She always thought of others, not herself. One of her closest friends was stunned when she got the news. She said that she had talked to Pat on the phone the Friday before the end, and that Pat was upbeat and cheerful, that they had some good laughs together. Instead of talking about herself, she kept asking her friend about how she felt.
Tricia (Cox) and Julie (Eisenhower) are splendid examples that despite her having a public schedule, Pat was a fine mother. She was a remarkable grand-mother. When Jennie (Eisenhower) who is now 15, was old enough to talk, she asked Pat what she could call her. Pat thought 'grandmother' sounded too old and formal. She said, 'Call me Ma.' When Jennie asked me, I said, 'Anything would be okay.' After all, I have been called everything! So she called me 'Ba.' And so it was that Jennie; her brother Alex; sister, Melanie; and her cousin, Christopher (Cox), called us 'Ma and Ba.' We were their close friends, not distant grandparents.
How would Pat like to be remembered?
Seventy-six years ago in the little house where I was born in 1913, I used to hear the train whistle in the night and dream of places far away I hoped to visit someday.
I have always been fascinated by trains. My favorite campaign was in 1952. It was the last whistle-top campaign. As the train pulled into the station, Jack Drown (a close friend) would put a recording of the campaign song on the public-address system. Some may remember the lyrics—'I Like the Sunshine of Your Smile.'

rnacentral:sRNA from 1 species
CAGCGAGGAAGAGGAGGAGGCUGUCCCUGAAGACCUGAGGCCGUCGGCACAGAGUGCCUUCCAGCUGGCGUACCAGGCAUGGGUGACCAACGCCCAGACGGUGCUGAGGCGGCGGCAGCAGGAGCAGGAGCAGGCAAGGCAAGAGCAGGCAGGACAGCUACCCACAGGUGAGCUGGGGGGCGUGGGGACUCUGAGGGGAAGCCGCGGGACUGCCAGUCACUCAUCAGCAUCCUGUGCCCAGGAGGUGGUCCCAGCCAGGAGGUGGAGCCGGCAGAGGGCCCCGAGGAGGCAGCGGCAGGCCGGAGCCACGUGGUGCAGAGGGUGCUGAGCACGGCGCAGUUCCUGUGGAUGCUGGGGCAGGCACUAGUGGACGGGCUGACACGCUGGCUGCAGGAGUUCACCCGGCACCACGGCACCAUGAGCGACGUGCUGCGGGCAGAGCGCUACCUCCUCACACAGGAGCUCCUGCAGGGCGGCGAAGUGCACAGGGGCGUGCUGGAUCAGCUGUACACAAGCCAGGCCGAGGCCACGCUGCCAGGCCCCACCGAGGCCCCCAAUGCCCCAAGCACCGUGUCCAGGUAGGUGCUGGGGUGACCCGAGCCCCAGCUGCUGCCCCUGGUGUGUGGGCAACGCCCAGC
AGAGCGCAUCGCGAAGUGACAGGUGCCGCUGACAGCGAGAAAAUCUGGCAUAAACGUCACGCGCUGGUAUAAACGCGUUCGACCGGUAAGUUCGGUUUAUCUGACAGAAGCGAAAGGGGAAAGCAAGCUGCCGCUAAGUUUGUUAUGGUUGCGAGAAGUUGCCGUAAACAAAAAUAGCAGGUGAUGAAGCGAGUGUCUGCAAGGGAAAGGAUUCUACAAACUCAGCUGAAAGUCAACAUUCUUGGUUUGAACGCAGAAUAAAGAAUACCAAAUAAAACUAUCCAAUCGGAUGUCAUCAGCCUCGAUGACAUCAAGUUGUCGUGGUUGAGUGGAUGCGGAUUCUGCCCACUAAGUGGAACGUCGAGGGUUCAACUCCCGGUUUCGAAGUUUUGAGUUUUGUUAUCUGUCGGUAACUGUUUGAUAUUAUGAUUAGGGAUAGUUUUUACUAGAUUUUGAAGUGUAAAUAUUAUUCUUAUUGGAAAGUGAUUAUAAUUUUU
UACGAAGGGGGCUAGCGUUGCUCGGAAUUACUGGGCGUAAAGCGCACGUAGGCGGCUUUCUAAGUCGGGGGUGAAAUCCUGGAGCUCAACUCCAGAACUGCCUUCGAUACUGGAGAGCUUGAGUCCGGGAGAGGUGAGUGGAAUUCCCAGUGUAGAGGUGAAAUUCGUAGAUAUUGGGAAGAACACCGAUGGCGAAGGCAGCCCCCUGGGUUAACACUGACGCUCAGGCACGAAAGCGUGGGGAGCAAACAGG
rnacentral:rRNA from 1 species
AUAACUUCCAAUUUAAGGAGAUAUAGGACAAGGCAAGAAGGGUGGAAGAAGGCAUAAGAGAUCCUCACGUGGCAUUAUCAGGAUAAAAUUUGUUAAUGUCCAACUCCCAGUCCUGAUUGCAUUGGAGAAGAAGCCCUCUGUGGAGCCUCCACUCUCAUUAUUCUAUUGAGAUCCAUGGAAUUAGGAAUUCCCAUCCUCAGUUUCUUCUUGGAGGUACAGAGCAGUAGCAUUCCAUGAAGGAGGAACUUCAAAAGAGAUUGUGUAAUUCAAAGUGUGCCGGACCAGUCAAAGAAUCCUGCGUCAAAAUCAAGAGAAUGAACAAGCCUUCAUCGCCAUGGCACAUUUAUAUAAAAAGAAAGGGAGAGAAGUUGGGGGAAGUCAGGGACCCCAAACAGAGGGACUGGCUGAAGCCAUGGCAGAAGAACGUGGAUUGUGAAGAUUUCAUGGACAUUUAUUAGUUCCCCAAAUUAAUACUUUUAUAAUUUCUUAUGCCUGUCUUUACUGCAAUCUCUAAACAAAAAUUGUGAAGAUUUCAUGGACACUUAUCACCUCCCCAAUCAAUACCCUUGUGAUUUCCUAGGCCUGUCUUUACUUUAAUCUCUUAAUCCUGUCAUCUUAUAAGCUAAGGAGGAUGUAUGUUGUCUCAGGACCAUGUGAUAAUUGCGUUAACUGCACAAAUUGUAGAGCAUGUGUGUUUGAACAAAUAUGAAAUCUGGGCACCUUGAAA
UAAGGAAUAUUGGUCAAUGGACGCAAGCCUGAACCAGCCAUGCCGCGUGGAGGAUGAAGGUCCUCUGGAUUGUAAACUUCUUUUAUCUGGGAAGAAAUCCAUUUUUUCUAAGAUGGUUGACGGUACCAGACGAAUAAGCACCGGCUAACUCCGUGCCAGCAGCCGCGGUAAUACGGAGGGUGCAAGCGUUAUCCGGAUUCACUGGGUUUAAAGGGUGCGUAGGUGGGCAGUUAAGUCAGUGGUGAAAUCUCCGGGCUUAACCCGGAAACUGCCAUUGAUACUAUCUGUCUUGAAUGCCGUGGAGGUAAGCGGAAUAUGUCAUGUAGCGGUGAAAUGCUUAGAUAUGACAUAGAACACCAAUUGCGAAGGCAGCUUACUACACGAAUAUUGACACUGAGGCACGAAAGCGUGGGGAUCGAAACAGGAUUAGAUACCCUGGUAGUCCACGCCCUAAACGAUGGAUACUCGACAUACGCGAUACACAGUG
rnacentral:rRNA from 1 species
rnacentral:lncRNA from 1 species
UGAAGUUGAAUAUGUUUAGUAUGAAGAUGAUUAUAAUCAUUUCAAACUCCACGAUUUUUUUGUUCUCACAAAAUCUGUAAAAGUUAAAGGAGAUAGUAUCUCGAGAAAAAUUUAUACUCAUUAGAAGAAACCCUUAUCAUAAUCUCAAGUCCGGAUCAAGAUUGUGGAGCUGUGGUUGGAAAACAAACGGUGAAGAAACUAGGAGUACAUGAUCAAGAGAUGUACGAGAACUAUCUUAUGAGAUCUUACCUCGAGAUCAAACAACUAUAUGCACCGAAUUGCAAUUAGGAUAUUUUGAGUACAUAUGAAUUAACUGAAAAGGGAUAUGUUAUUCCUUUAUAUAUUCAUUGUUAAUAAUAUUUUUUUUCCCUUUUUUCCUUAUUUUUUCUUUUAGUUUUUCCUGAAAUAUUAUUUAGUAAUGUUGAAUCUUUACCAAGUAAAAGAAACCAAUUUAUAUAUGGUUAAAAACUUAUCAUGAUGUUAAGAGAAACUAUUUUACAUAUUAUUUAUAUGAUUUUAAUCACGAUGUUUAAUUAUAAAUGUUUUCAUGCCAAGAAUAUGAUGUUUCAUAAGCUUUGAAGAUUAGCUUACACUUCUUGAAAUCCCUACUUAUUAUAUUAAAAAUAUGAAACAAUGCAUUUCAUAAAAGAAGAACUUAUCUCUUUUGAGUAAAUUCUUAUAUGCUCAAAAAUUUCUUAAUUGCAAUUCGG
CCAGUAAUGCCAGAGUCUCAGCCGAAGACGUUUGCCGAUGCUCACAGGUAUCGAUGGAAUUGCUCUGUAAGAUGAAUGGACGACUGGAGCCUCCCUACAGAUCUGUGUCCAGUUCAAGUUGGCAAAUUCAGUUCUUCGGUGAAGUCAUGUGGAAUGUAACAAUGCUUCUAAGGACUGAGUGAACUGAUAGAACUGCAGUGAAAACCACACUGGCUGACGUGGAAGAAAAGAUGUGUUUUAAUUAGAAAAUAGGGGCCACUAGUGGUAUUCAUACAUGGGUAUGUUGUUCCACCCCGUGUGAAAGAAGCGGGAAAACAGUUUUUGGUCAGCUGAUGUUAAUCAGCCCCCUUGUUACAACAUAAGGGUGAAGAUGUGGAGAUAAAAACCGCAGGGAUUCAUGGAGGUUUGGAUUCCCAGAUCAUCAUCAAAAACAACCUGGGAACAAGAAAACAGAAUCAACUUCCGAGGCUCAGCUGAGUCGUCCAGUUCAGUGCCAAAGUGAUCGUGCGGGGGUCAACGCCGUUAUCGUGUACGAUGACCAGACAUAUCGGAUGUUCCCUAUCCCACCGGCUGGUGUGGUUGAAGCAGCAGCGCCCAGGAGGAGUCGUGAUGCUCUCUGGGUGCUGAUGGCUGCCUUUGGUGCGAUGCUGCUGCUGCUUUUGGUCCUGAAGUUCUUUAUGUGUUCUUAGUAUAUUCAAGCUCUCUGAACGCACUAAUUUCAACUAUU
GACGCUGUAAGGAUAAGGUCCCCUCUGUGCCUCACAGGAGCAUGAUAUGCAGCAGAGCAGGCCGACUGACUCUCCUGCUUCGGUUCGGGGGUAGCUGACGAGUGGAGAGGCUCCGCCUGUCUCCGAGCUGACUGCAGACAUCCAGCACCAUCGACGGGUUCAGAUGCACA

Above all, when you think of Pat, I hope you will always remember—the sunshine of her smile. She would like that."
For nearly 20 years, Good Housekeeping readers chose Pat Nixon as one of the 10 most admired women in the world. Some people were astounded that a woman who remained out of the public eye for a decade and a half could still be held in such affection. The reason was no mystery to the former President:
"Most people, even if they are basically happy, do not have an easy life," he said. "Some have had disappointments, others have suffered defeats. Many have experienced tragedy. Pat related to these people and they to her."
Mr. Nixon clearly recalls the moment when he first saw Pat Ryan. It was in 1938, when he had auditioned for a part in a Whittier, Calif., amateur-theater production. "I thought I knew everyone in Whittier," he said, "but that night a beautiful and vivacious young woman with titian hair appeared. I had never seen her before. I found I could not take my eyes away from her. This new girl in town was Pat Ryan, and she had just begun teaching at Whittier High School.